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Kris wrote:

Hi, guys —

I'm confused on how the Roman Catholic Church views other churches, specifically the (ELCA) Evangelical Lutheran Church in America and (UMC) United Methodist Church churches.

I have read, researched, and even interviewed several priest, deacons, and got the privilege to ask our diocese bishop on a call-in radio show this question ... and they all had the same answer, which surprised me!!

The question was about the dialogue the Catholic Church has had with the ELCA and the UMC, for a very long time! I asked each person if we view them as fellow Christians since some believe in women pastors, gay clergy, and gay marriage, etc. and they all said "Yes", that it did not matter.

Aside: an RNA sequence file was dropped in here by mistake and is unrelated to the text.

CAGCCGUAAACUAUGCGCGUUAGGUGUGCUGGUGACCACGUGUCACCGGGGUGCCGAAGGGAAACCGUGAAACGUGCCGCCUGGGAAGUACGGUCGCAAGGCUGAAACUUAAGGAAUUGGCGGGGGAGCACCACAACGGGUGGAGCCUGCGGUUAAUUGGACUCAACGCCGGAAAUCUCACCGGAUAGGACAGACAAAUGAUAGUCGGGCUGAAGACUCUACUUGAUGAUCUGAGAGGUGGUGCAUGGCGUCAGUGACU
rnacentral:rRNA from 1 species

They continued to say that, though those faiths were morally wrong on those issues, it does not take away from them being fellow Christians and recognized by the Roman Catholic Church.

This is where I'm confused.

  • How and why do we recognize such churches with these teachings?
  • How should I decipher this?


  { How and why do we recognize such churches when their teachings disagree doctrinally with us? }

Mike replied:

Hi Kris,

Thanks for the question.

What makes a Christian part of the Body of Christ is receiving a valid Baptism.
The Lutheran and Methodist churches, to my knowledge, perform a valid baptism.

Although their official teachings can be extreme far from basic Catholic Christian teachings, Our Lord still considers them Christian due to their valid baptism.

This posting will show any reader the Church's form of baptism:

With flowing water running over the recipient's head, this is the form that must be used:

[ Michael ], I baptize you in the name of the Father, and of the Son, and of the
Holy Spirit.

Hope this helps,

[Related Posting]

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